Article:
Genesis 3:8 MEANING

Genesis 3:8
(8) And they heard the voice of the Lord God walking in the garden.--The matter-of-fact school of commentators understand by this that there was a thunderstorm, and the guilty pair hearing for the first time the uproar of nature, hid themselves in terror, and interpreted the mighty peals as meaning their condemnation. Really it is in admirable keeping with the whole narrative; and Jehovah appears here as the owner of the Paradise, and as taking in it His daily exercise; for the verb is in the reflexive conjugation, and means "walking for pleasure." The time is "the cool (literally, the wind) of the day," the hour in a hot climate when the evening breeze sets in, and men, rising from their noontide slumber, go forth for labour or recreation. In this description the primary lesson is that hitherto man had lived in close communication with God. His intellect was undeveloped; his mental powers still slumbered; but nevertheless there was a deep spiritual sympathy between him and his Maker. It is the nobler side of Adam's relationship to God before the fall.

Hid themselves from the presence of the Lord God.--This does not imply a visible appearance, for the whole narrative is anthropomorphic. The Fathers, however, saw in these descriptions the proof of a previous incarnation of the Divine Son (see Note on Genesis 12:7). Next, we find in their conduct an attempt to escape from the further result of sin. The first result was shame, from which man endeavoured to free himself by covering his person; the second was fear, and this man would cure by departing still farther from God. But the voice of Jehovah reaches him, and with rebuke and punishment gives also healing and hope.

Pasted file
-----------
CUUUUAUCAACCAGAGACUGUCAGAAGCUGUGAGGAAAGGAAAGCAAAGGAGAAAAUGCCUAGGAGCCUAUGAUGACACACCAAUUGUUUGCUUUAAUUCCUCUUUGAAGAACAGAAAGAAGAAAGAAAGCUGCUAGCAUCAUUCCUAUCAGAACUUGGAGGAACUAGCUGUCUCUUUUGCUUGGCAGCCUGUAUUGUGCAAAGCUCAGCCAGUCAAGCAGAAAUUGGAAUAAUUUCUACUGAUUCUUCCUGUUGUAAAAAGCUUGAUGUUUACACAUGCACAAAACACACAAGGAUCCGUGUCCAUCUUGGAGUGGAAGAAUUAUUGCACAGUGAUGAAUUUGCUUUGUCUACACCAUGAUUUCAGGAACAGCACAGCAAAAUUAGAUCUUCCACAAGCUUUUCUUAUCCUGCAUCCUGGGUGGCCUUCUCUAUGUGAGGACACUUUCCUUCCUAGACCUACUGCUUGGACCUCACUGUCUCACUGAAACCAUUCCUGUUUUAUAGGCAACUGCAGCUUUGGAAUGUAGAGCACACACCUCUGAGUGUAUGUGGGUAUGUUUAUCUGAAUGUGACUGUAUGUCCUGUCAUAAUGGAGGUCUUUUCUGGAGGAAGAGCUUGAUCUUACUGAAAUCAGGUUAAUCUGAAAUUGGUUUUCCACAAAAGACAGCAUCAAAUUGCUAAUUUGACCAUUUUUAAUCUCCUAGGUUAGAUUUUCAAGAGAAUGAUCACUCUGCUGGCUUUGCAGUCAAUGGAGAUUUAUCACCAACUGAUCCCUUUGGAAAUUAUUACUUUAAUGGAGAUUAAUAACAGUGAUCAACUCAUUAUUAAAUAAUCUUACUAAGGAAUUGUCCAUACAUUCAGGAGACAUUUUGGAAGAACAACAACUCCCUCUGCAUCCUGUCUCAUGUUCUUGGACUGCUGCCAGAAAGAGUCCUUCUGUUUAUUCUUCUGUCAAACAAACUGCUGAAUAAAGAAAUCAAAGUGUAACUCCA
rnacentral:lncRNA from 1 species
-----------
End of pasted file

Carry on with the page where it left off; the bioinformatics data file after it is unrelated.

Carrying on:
Verse 8. - And they heard the voice of the Lord God. Either

(1) the noise of his footsteps (cf. Leviticus 26:33; Numbers 16:34; 2 Samuel 5:24; Knobel, Delitzsch, Keil, Kalisch, Macdonald); or

(2) the thunder that accompanied his approach (cf. Exodus 9:23; Job 37:4, 5; Psalm 29:3, 9; Murphy, Bush); or

(3) the sound of his voice (Calvin, Lange, Wordsworth); or

(4) probably all four. Walking in the garden. If the voice, then increasing in intensity (cf. Exodus 19:19; Bush); if Jehovah, which is better, then "wandering or walking about in a circle" within the garden bounds (Macdonald). In the cool (literally, the wind) of the day. The morning breeze (Calvin); the evening breeze (Kalisch, Macdonald); τὸ δειλινόν (LXX.); auram post meridiem (Vulgate); cf. hom ha yom, "the heat of the day" (Genesis 18:1). And Adam and his wife hid themselves. Not in humility, as unworthy to come into God's presence (Irenaeus); or in amazement, as not knowing which way to turn (Augustine); or through modesty, (Knobel Bohlen); but from a sense of guilt. From the presence of the Lord. From which it is apparent they expected a Visible manifestation.